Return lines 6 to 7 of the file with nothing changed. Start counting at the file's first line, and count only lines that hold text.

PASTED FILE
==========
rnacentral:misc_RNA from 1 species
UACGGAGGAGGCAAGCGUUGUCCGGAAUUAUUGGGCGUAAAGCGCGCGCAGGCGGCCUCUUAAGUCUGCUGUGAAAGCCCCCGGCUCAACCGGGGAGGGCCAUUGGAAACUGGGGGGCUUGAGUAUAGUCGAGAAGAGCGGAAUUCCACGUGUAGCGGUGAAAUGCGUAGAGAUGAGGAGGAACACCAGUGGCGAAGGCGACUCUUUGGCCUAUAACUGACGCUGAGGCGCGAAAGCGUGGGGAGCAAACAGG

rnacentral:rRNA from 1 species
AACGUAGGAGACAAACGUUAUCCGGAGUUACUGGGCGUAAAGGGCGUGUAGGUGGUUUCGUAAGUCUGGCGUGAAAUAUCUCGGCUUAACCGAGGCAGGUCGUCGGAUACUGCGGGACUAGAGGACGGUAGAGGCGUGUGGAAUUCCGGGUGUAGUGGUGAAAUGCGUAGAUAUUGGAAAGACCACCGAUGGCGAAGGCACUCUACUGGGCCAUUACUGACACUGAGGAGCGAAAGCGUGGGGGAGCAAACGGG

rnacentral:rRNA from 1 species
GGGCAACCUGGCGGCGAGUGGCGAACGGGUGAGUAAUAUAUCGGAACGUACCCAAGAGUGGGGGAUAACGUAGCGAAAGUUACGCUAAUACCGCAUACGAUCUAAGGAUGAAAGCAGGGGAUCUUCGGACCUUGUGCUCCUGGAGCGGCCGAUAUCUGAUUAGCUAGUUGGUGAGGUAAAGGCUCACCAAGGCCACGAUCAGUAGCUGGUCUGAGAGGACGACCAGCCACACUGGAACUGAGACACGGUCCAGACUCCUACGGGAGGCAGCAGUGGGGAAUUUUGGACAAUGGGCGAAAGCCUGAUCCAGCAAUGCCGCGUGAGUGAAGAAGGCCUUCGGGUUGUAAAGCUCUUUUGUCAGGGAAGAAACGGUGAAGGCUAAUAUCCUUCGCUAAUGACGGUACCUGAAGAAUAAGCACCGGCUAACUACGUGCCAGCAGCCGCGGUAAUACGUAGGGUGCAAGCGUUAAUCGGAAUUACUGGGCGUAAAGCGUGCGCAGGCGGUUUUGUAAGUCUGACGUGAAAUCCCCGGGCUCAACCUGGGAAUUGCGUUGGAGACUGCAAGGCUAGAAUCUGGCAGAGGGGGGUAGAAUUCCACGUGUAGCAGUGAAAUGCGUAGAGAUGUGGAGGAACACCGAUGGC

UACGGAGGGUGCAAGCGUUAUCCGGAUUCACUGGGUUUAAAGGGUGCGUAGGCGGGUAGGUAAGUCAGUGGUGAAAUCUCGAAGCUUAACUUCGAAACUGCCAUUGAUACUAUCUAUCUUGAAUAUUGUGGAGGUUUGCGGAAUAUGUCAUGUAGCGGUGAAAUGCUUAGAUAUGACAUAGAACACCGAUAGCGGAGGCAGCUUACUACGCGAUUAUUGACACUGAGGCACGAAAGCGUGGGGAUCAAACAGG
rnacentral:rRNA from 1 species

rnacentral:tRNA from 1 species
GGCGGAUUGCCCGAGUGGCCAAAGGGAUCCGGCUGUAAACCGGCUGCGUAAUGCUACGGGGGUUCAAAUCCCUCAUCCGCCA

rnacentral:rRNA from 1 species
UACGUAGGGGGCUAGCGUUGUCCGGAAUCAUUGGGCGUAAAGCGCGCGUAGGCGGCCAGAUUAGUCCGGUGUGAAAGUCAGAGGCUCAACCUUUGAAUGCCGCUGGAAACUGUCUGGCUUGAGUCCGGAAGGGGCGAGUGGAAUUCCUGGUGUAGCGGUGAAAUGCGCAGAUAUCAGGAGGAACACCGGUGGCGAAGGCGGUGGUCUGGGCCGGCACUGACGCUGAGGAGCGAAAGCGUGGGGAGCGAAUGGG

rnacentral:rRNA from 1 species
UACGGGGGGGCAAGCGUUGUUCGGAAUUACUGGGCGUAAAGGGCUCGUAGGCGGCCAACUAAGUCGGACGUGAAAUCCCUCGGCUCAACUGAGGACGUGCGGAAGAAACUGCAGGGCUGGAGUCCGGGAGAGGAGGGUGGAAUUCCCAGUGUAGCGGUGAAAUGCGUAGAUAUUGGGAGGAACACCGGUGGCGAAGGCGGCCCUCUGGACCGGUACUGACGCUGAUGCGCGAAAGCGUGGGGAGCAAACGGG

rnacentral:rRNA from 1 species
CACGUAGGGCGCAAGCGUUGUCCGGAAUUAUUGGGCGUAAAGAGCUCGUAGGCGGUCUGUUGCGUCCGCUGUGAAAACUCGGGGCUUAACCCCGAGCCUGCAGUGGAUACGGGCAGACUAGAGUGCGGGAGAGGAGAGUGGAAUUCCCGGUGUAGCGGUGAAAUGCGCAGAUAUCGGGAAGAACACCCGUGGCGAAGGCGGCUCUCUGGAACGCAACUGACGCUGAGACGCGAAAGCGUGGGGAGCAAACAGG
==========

GGGCAACCUGGCGGCGAGUGGCGAACGGGUGAGUAAUAUAUCGGAACGUACCCAAGAGUGGGGGAUAACGUAGCGAAAGUUACGCUAAUACCGCAUACGAUCUAAGGAUGAAAGCAGGGGAUCUUCGGACCUUGUGCUCCUGGAGCGGCCGAUAUCUGAUUAGCUAGUUGGUGAGGUAAAGGCUCACCAAGGCCACGAUCAGUAGCUGGUCUGAGAGGACGACCAGCCACACUGGAACUGAGACACGGUCCAGACUCCUACGGGAGGCAGCAGUGGGGAAUUUUGGACAAUGGGCGAAAGCCUGAUCCAGCAAUGCCGCGUGAGUGAAGAAGGCCUUCGGGUUGUAAAGCUCUUUUGUCAGGGAAGAAACGGUGAAGGCUAAUAUCCUUCGCUAAUGACGGUACCUGAAGAAUAAGCACCGGCUAACUACGUGCCAGCAGCCGCGGUAAUACGUAGGGUGCAAGCGUUAAUCGGAAUUACUGGGCGUAAAGCGUGCGCAGGCGGUUUUGUAAGUCUGACGUGAAAUCCCCGGGCUCAACCUGGGAAUUGCGUUGGAGACUGCAAGGCUAGAAUCUGGCAGAGGGGGGUAGAAUUCCACGUGUAGCAGUGAAAUGCGUAGAGAUGUGGAGGAACACCGAUGGC

UACGGAGGGUGCAAGCGUUAUCCGGAUUCACUGGGUUUAAAGGGUGCGUAGGCGGGUAGGUAAGUCAGUGGUGAAAUCUCGAAGCUUAACUUCGAAACUGCCAUUGAUACUAUCUAUCUUGAAUAUUGUGGAGGUUUGCGGAAUAUGUCAUGUAGCGGUGAAAUGCUUAGAUAUGACAUAGAACACCGAUAGCGGAGGCAGCUUACUACGCGAUUAUUGACACUGAGGCACGAAAGCGUGGGGAUCAAACAGG